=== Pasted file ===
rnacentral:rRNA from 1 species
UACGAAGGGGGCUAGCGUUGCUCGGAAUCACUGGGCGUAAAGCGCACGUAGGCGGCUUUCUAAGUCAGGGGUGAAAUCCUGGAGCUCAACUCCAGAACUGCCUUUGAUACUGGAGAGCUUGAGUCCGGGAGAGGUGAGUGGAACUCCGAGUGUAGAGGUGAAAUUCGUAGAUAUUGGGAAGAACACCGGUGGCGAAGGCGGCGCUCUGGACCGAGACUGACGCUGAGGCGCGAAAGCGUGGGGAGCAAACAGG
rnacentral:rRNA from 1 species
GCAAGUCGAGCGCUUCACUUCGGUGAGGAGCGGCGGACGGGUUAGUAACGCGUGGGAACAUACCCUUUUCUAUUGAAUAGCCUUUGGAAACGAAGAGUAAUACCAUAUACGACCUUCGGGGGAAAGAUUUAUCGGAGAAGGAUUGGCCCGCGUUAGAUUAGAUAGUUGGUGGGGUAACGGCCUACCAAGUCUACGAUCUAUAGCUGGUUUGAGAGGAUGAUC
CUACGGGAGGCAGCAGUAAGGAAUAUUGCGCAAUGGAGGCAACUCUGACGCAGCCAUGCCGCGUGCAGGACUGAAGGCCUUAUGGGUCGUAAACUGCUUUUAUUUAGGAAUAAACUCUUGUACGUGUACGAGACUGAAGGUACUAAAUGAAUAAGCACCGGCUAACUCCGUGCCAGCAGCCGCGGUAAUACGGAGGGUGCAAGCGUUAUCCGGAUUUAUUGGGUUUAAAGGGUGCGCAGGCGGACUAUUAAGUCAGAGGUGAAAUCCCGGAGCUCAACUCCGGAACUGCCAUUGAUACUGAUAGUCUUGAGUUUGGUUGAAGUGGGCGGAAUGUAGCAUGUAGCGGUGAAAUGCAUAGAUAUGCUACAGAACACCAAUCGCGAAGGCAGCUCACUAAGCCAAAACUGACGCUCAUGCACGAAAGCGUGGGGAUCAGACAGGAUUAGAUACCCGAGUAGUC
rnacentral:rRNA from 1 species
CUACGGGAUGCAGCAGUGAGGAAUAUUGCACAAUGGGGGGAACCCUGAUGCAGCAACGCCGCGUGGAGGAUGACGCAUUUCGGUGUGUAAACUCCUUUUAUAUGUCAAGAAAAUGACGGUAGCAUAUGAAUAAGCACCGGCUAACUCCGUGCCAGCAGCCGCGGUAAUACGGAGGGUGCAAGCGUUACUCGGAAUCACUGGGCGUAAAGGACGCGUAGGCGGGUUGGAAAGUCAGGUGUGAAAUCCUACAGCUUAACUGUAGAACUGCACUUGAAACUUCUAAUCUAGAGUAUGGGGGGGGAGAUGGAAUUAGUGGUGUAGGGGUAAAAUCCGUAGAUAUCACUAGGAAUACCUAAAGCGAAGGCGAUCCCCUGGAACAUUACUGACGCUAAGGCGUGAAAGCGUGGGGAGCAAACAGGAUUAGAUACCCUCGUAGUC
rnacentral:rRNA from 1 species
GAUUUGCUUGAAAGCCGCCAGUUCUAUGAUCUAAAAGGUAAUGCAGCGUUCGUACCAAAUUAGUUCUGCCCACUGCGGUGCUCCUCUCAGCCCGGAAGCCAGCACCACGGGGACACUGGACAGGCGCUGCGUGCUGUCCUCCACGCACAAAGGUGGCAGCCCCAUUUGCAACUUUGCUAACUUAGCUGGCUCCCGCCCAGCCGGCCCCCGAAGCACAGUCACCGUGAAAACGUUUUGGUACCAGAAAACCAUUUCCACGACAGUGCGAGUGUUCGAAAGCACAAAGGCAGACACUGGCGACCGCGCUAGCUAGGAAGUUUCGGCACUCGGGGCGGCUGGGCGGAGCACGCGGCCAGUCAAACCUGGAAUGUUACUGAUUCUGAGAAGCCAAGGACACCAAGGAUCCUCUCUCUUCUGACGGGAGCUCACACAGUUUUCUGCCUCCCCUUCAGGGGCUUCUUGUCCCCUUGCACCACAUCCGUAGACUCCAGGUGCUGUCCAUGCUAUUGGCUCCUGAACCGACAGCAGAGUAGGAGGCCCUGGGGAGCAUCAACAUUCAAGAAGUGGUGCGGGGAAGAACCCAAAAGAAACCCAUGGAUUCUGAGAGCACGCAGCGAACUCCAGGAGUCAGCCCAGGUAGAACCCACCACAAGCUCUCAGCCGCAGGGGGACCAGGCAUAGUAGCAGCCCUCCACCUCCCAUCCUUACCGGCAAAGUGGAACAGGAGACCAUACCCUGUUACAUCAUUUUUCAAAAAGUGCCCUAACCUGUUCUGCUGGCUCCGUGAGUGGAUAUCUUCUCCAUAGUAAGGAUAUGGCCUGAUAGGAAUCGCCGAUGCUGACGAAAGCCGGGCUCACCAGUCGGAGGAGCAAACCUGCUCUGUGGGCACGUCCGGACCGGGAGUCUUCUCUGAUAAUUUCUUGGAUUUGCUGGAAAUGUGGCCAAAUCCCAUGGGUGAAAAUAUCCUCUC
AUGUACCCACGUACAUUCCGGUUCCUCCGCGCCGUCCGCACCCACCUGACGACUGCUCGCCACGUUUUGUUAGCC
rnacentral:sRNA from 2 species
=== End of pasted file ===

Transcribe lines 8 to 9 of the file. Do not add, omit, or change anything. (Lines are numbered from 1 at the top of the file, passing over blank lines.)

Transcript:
rnacentral:rRNA from 1 species
GAUUUGCUUGAAAGCCGCCAGUUCUAUGAUCUAAAAGGUAAUGCAGCGUUCGUACCAAAUUAGUUCUGCCCACUGCGGUGCUCCUCUCAGCCCGGAAGCCAGCACCACGGGGACACUGGACAGGCGCUGCGUGCUGUCCUCCACGCACAAAGGUGGCAGCCCCAUUUGCAACUUUGCUAACUUAGCUGGCUCCCGCCCAGCCGGCCCCCGAAGCACAGUCACCGUGAAAACGUUUUGGUACCAGAAAACCAUUUCCACGACAGUGCGAGUGUUCGAAAGCACAAAGGCAGACACUGGCGACCGCGCUAGCUAGGAAGUUUCGGCACUCGGGGCGGCUGGGCGGAGCACGCGGCCAGUCAAACCUGGAAUGUUACUGAUUCUGAGAAGCCAAGGACACCAAGGAUCCUCUCUCUUCUGACGGGAGCUCACACAGUUUUCUGCCUCCCCUUCAGGGGCUUCUUGUCCCCUUGCACCACAUCCGUAGACUCCAGGUGCUGUCCAUGCUAUUGGCUCCUGAACCGACAGCAGAGUAGGAGGCCCUGGGGAGCAUCAACAUUCAAGAAGUGGUGCGGGGAAGAACCCAAAAGAAACCCAUGGAUUCUGAGAGCACGCAGCGAACUCCAGGAGUCAGCCCAGGUAGAACCCACCACAAGCUCUCAGCCGCAGGGGGACCAGGCAUAGUAGCAGCCCUCCACCUCCCAUCCUUACCGGCAAAGUGGAACAGGAGACCAUACCCUGUUACAUCAUUUUUCAAAAAGUGCCCUAACCUGUUCUGCUGGCUCCGUGAGUGGAUAUCUUCUCCAUAGUAAGGAUAUGGCCUGAUAGGAAUCGCCGAUGCUGACGAAAGCCGGGCUCACCAGUCGGAGGAGCAAACCUGCUCUGUGGGCACGUCCGGACCGGGAGUCUUCUCUGAUAAUUUCUUGGAUUUGCUGGAAAUGUGGCCAAAUCCCAUGGGUGAAAAUAUCCUCUC